[caption id="attachment_493" align="alignleft" width="150" caption="Bumble foot"][/caption] A common disease among chicken is the evil Bumble Foot. Bumble Foot basically causes swollen and painful chicken feet due to inflammation and hardening of tissues in the area. Whether it has happened to your chickens yet or not, it is advisable to pick up some knowledge so you can detect it early and apply the necessary treatments.
If you are planning to keep your own chickens in the yard or garden, you’ll need to get your egg-producing pets a nice home to protect them the elements. A chicken coop is exactly what you need to do so and learning how to build an effective and well placed coop can go a long way in keeping your chickens healthy and happy.
Just what exactly gives a good chicken coop? Many believe that cost is the main factor but that is not necessarily the case. You don’t need to shell out $300 like some others do. In fact, the cost of building one can actually be a lot cheaper if you know how to make use of spare material in your house. What really matters is knowing the right factors that make for a good chicken coop and this article was written to help you understand these factors.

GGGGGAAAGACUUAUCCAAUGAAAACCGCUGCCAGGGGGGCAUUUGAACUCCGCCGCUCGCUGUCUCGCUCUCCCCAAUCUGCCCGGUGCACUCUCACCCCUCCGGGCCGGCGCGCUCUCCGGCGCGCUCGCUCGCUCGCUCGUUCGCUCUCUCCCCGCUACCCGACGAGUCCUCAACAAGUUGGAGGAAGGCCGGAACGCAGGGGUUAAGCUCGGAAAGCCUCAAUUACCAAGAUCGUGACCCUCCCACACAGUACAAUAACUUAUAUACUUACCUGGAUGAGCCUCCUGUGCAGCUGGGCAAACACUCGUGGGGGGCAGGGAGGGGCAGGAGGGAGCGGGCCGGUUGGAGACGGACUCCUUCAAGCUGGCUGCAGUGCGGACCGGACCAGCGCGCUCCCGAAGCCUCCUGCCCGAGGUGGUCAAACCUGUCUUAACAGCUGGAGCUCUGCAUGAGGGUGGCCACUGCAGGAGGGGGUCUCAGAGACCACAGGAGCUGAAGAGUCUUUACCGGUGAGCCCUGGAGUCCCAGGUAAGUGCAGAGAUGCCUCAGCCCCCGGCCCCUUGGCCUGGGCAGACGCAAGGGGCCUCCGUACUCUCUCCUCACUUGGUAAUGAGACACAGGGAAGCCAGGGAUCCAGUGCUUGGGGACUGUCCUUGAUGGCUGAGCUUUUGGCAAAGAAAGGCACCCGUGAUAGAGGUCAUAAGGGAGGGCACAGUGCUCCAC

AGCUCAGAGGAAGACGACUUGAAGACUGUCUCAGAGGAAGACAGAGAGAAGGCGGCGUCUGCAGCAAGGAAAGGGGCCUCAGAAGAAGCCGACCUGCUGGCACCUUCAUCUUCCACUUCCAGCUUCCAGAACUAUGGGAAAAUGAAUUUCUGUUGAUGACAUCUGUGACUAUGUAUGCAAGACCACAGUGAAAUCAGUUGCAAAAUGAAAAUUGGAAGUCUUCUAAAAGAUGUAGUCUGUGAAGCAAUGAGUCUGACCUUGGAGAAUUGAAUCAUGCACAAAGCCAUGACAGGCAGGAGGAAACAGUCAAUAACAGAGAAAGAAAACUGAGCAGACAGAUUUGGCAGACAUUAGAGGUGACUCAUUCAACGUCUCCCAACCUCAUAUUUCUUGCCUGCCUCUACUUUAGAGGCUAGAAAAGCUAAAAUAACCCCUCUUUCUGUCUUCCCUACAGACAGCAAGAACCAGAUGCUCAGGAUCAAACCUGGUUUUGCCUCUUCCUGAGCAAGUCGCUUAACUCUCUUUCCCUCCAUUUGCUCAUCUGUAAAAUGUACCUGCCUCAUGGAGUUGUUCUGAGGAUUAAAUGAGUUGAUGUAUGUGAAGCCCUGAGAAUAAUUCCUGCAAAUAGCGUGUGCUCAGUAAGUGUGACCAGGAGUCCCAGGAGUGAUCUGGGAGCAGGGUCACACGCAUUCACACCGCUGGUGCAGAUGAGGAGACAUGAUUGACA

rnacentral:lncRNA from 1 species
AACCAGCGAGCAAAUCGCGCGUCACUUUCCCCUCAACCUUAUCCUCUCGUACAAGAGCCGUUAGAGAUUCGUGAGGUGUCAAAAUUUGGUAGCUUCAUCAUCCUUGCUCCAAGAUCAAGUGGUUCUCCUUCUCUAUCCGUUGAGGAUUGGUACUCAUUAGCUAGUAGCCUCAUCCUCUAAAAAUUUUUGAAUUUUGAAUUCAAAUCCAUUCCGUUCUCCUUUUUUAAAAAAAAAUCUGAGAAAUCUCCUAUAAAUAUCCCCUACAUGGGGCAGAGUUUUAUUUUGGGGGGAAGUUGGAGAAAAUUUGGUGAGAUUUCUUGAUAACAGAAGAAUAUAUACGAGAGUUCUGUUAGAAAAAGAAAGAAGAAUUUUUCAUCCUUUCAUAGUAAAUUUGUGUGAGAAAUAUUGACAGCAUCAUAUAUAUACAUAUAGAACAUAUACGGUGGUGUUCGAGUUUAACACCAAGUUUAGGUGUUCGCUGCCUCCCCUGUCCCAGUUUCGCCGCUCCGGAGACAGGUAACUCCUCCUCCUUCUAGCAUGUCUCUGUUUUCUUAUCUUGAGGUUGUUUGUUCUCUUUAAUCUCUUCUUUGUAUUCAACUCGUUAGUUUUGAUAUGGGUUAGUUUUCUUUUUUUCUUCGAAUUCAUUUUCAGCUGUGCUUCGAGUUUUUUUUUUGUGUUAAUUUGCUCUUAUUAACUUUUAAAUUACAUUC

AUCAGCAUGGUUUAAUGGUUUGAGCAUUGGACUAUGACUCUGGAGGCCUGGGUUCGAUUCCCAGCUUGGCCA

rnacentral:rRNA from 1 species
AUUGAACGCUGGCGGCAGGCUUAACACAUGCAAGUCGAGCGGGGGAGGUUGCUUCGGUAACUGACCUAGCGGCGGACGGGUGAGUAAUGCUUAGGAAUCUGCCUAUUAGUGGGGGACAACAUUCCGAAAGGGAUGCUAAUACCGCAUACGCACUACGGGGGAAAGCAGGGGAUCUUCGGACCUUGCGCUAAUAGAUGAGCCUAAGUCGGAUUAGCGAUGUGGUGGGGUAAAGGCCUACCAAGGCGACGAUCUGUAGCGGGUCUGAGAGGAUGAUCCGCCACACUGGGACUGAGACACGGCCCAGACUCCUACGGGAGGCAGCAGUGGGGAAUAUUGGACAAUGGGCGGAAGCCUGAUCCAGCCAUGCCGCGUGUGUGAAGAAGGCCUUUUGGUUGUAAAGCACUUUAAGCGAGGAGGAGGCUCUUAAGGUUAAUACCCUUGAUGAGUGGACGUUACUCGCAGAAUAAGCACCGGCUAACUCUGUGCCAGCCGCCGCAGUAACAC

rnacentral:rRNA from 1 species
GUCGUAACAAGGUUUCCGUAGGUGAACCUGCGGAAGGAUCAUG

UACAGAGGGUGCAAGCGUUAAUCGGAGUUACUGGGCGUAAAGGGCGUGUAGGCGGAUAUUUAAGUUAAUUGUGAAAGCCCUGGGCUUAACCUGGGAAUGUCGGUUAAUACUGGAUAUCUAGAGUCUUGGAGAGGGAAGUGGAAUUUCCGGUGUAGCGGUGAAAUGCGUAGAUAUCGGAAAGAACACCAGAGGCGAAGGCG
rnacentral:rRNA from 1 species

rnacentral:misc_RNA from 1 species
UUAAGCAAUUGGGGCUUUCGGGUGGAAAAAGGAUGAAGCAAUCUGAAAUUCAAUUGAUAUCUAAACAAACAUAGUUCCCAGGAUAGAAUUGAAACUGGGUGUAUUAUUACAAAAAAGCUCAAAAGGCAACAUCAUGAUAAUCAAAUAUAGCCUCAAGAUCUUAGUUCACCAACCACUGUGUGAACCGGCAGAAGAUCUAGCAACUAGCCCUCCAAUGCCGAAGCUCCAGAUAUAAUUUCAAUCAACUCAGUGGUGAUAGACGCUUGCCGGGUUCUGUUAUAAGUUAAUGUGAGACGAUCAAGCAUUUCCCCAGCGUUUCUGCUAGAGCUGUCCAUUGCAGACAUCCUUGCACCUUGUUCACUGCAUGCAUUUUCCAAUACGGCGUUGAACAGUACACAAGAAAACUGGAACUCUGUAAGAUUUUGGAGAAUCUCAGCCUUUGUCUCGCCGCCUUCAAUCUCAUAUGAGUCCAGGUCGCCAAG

It is a well known fact that chickens are sturdy little animals. Not only do they have strong survival instincts, they can also adapt very well to changes in the weather and climate. However, despite these various strengths, chickens can also be rather susceptible to a wide range of chicken parasites, infections and diseases. Usually, noticing the symptoms early enough can not only help to cure but prevent it as well. Failing to do so might allow the disease to spread which might very well end up in an entire flock getting contaminated.
Chicken Nest Boxes are containers that are designed for facilitating the laying of eggs. They are very useful and are quite easy to build, not to mention the room for customisation in terms of both function and design.
Fundamentally, nest boxes are meant to help hens lay eggs. As such, the primary concern should be to design the nest box in such a way that egg productivity is maximised. Generally, you will want your box filled with straw and wood shavings so that hens feel comfortable sitting there. If nothing goes wrong, you should see your desired egg count. In the event that you do not, fret not as here are some tips to improve your next box functionality.